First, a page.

In Genesis chapter 26, there are a number of points noted about wells of water. Using the NKJV, particular points paint an odd picture. First, Genesis 26:15, 17-18 (NKJV, bold added):
15 Now the Philistines had stopped up all the wells which his father’s servants had dug in the days of Abraham his father, and they had filled them with earth. 16 And Abimelech [king of the Philistines, living in Gerar, v.1] said to Isaac, “Go away from us, for you are much mightier than we.” 17 Then Isaac departed from there and pitched his tent in the Valley of Gerar, and dwelt there. 18 And Isaac dug again the wells of water which they had dug in the days of Abraham his father, for the Philistines had stopped them up after the death of Abraham. He called them by the names which his father had called them.
So it seems v.15 and the stopping up of the wells is a prelude to Abimelech's asking Isaac to depart, but Isaac does not go far (Gerar is in the Valley of Gerar), and it is reiterated that the Philistines had filled the wells (this time noting when, after Abraham's death).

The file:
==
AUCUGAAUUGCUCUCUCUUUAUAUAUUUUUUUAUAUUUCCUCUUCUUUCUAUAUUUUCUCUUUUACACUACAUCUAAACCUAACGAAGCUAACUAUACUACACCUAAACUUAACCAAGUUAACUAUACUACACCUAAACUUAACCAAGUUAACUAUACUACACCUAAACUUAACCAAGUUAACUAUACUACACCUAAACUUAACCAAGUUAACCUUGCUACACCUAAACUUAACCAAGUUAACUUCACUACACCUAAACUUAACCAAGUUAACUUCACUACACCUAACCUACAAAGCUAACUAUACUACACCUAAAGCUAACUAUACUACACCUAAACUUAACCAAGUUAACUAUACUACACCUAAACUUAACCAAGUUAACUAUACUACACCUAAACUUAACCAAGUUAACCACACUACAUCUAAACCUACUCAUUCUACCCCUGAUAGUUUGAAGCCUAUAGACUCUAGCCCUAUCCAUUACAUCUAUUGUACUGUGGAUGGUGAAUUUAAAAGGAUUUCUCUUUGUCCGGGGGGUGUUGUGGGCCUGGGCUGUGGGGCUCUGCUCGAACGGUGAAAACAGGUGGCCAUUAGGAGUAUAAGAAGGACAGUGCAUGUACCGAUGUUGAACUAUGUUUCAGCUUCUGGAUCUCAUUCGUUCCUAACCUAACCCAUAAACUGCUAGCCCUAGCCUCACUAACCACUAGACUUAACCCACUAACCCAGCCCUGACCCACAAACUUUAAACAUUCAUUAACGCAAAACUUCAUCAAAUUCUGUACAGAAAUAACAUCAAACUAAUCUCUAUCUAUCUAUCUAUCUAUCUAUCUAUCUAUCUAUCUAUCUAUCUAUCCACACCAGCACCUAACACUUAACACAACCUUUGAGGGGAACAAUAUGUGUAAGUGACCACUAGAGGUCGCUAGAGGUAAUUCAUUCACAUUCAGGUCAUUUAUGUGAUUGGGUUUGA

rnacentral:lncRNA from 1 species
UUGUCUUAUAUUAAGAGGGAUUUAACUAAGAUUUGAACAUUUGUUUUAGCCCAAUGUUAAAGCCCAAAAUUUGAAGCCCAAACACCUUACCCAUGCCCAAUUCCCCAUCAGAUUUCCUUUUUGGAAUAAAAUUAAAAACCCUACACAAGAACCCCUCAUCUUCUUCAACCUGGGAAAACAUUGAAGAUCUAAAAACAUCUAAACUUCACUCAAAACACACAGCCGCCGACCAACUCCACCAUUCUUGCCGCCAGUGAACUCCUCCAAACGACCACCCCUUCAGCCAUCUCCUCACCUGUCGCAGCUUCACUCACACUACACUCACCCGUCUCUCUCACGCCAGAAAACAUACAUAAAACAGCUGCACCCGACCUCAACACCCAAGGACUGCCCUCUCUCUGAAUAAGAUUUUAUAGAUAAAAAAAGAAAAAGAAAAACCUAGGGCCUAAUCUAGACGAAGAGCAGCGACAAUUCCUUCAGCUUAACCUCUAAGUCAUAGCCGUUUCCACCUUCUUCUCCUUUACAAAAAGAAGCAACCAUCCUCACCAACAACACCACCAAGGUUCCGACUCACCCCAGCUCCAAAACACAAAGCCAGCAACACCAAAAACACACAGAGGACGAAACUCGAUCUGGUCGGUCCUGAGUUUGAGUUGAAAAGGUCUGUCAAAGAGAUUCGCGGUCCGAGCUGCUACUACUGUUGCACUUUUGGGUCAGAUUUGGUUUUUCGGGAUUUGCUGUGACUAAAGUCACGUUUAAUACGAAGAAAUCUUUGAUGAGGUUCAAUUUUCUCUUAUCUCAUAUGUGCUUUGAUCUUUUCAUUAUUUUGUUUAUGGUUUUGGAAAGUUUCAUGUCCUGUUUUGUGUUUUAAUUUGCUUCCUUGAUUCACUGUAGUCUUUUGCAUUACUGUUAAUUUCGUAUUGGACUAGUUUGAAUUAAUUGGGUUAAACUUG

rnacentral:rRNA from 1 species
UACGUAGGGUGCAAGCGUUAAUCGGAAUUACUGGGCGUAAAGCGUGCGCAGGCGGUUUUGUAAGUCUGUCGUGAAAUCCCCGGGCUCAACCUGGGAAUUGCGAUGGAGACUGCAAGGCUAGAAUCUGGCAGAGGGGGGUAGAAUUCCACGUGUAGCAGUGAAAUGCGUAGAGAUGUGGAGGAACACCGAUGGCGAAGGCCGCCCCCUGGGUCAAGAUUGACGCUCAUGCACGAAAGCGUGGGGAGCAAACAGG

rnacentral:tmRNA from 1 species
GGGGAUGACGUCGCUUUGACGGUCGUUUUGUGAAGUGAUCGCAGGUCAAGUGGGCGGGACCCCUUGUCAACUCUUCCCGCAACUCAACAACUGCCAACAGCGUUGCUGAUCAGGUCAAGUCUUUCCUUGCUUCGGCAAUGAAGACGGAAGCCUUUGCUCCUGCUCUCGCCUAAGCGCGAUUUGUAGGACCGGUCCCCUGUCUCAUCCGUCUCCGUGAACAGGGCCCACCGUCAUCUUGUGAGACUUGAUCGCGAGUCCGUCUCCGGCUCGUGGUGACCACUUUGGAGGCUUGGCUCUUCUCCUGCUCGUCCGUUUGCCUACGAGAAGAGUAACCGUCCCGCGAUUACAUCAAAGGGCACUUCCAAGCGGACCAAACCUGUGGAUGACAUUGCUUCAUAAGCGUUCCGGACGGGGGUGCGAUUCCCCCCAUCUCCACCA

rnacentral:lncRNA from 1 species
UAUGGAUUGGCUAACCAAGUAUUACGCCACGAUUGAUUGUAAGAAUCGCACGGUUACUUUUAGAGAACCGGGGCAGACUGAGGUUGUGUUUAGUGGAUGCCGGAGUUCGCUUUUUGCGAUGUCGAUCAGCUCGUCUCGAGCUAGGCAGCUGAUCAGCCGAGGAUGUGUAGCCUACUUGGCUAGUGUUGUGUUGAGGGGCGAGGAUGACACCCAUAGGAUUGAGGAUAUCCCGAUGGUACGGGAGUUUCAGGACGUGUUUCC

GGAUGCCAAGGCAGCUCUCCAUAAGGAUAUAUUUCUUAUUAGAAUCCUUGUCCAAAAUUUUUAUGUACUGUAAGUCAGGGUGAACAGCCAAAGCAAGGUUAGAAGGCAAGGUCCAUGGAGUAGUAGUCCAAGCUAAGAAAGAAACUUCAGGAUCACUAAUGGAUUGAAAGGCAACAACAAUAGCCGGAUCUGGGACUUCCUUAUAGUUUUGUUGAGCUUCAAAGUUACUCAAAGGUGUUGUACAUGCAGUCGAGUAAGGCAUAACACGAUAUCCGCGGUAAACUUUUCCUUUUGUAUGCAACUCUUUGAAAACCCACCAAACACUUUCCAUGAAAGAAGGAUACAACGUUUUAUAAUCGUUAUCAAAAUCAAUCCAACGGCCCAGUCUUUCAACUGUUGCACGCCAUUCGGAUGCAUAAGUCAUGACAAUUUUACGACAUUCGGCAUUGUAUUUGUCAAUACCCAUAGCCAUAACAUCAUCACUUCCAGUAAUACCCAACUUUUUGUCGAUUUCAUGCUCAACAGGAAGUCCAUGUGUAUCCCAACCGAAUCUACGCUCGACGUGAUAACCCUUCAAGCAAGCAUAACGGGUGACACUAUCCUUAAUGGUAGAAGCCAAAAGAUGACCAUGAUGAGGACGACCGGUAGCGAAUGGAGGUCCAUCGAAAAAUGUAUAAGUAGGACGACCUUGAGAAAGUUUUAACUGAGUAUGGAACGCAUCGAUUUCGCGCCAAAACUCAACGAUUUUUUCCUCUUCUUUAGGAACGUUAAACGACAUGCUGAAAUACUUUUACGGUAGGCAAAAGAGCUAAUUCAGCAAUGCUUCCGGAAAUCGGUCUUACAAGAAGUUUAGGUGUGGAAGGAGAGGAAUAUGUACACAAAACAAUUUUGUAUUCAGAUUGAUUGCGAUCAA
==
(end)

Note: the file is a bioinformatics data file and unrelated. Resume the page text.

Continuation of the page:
But second, water was no doubt as precious to the Philistines as it would have been to Abraham, and in fact, we see this is so as Isaac begins to dig wells again and there is contention for the water (Genesis 26:19-22):
19 Also Isaac’s servants dug in the valley, and found a well of running water there. 20 But the herdsmen of Gerar quarreled with Isaac’s herdsmen, saying, “The water is ours.” So he called the name of the well Esek, because they quarreled with him. 21 Then they dug another well, and they quarreled over that one also. So he called its name Sitnah. 22 And he moved from there and dug another well, and they did not quarrel over it. So he called its name Rehoboth, because he said, “For now the LORD has made room for us, and we shall be fruitful in the land.”
So I'm trying to understand the historical mindset of the Philistines here:
- What historical/archaeological evidence sheds light on the mindset of the people in this time regarding reasons water producing wells would have been filled with earth?
- Extrapolating from that, what might be the reasons the Philistines might have filled in the wells, rather than simply start using them, after Abraham's death (since he would obviously not be contending with the Philistines had they taken over the well)?
I'm not looking for purely speculations here (the second point likely will have to involve some speculation), but academically researched information that supports the contention (and manner of contention) for well water during ancient times, in order to help elucidate the cultural significance behind these actions, which may shed light on the relationship between the early Philistines and Abraham's family as portrayed in the text.